Iraq Is Not Our Fault
Matthew Crenson, Benjamin Ginsberg, and Dean Henry deny Alasdair Roberts's claim that Iraq is the war Americans deserve.
Alasdair Roberts ("The War We Deserve," November/December 2007) draws some decidedly perverse conclusions from his observations about the paucity of public sacrifice in America's "war on terror." He suggests that the American public shares much of the responsibility for the Bush administration's bungled efforts to secure the homeland and pacify the Middle East. These ventures have been crippled, he says, by Americans' "commitment to a political philosophy that demands much from its government but asks little of its citizens." Roberts's unstated assumptions are that public sacrifice would rescue the Bush administration's military adventures from failure -- and that these enterprises are actually worthy of public sacrifice.
Alasdair Roberts ("The War We Deserve," November/December 2007) draws some decidedly perverse conclusions from his observations about the paucity of public sacrifice in America’s "war on terror." He suggests that the American public shares much of the responsibility for the Bush administration’s bungled efforts to secure the homeland and pacify the Middle East. These ventures have been crippled, he says, by Americans’ "commitment to a political philosophy that demands much from its government but asks little of its citizens." Roberts’s unstated assumptions are that public sacrifice would rescue the Bush administration’s military adventures from failure — and that these enterprises are actually worthy of public sacrifice.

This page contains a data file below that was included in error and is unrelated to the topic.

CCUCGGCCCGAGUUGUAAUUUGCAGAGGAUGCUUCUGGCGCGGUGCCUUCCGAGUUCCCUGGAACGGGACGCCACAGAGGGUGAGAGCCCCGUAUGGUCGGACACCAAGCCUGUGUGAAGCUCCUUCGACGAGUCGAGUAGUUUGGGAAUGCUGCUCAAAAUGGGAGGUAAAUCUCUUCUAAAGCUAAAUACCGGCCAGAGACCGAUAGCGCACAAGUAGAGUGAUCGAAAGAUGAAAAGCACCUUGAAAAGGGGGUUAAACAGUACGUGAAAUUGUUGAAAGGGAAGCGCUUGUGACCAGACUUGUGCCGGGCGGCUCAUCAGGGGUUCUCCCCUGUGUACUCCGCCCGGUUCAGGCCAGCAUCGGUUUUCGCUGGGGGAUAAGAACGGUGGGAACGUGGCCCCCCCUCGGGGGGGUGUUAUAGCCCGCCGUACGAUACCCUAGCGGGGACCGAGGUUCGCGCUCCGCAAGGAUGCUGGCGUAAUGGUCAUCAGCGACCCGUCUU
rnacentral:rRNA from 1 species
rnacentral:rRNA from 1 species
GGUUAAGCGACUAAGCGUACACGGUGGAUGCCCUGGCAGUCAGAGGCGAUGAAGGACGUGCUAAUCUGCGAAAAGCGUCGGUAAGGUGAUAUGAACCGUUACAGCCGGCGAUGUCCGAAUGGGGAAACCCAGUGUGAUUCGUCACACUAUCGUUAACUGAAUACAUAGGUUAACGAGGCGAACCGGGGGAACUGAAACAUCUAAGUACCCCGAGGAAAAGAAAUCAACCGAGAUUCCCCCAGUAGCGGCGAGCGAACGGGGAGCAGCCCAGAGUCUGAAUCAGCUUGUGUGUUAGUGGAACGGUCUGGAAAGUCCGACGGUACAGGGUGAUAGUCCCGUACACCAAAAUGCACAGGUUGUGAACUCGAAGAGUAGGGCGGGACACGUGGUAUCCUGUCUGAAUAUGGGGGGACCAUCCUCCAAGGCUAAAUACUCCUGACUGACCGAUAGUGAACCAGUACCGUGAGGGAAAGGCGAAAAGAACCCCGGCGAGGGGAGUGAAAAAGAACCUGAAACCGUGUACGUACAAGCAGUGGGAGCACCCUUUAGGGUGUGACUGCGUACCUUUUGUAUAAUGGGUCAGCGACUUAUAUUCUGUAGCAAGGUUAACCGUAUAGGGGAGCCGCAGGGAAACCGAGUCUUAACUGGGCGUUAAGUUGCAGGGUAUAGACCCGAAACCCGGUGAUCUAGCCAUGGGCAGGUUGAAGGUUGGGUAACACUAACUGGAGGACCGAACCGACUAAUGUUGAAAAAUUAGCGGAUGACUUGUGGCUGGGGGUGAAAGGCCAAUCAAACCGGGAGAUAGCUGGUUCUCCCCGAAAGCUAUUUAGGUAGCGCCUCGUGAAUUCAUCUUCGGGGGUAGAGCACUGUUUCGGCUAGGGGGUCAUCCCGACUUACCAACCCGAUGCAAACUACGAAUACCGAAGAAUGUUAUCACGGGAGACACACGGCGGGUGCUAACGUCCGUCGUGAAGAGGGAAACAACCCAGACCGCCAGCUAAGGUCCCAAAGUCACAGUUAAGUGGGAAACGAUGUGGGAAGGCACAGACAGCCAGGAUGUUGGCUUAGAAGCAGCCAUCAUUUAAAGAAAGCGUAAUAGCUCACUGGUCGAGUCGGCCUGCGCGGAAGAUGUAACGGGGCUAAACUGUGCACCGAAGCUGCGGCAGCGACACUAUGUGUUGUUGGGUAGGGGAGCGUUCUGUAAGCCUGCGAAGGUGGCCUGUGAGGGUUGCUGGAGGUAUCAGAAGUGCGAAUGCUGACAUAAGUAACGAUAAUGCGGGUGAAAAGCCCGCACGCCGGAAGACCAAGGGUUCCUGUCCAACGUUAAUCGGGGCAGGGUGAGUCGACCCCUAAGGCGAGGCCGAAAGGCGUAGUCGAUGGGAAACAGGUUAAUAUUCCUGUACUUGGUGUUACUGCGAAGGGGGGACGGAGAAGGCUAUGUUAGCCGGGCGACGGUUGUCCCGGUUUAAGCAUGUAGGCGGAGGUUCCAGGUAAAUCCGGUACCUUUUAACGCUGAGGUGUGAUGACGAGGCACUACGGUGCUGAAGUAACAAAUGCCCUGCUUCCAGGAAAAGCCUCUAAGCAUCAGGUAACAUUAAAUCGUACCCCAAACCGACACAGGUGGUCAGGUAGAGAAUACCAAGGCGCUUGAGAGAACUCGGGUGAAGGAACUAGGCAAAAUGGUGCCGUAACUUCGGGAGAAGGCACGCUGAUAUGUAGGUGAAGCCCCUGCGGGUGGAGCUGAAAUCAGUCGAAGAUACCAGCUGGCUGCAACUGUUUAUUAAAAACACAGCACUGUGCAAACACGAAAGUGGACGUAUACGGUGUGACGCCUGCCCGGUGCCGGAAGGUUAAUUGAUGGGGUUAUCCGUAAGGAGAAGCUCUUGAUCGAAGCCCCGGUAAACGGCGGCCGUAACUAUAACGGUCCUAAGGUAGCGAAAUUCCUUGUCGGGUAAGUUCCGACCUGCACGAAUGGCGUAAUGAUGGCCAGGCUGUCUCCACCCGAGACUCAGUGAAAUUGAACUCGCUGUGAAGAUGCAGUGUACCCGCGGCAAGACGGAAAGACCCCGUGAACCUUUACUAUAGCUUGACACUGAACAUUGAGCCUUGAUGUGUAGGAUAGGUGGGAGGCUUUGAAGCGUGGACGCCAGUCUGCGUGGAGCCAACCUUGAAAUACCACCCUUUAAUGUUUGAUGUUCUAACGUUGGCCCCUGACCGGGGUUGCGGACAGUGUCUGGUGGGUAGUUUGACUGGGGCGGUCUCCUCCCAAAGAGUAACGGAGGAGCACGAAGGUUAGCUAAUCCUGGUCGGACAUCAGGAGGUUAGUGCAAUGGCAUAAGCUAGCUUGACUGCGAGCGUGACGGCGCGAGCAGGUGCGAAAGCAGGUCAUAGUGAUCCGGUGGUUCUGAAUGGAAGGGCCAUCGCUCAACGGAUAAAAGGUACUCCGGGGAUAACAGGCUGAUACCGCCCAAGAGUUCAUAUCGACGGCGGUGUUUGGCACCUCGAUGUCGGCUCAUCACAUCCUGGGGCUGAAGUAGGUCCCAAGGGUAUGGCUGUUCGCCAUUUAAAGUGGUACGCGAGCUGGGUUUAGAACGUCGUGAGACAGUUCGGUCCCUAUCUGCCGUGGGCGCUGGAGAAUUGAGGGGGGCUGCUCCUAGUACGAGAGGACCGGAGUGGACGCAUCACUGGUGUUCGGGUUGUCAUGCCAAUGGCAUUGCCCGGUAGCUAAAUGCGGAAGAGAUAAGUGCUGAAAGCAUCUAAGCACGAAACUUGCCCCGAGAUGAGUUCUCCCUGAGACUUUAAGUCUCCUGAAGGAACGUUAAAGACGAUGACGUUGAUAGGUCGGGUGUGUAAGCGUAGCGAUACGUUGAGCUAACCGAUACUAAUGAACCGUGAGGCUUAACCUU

Roberts acknowledges that the president never asked Americans to bear any burdens in the war on terror. After the attacks of 9/11, Bush told citizens to "go about their business" and to take vacations. In Bush’s war, there was no role for private citizens. It was not to leave a pampered public undisturbed, however, but to enhance the unilateral power of the presidency. A participatory war on terror might expose the president’s national security policy to the inconvenience of democratic responsiveness.
The Bush administration has attempted to reinvent warfare to make it less vulnerable to political pressures originating outside the commander in chief’s sphere of authority. This new form of warfare has fielded an army of private contractors and volunteers, and has substituted intense firepower, drone fighter planes, and high-tech weaponry for troops on the ground in an effort to minimize the extent to which military operations impinged on civilian society. Generals who advocated the deployment of larger forces were quietly canned. The Bush/Rumsfeld formula may not make sense as military strategy, but it succeeded in reducing the political encumbrances that restrained executive power.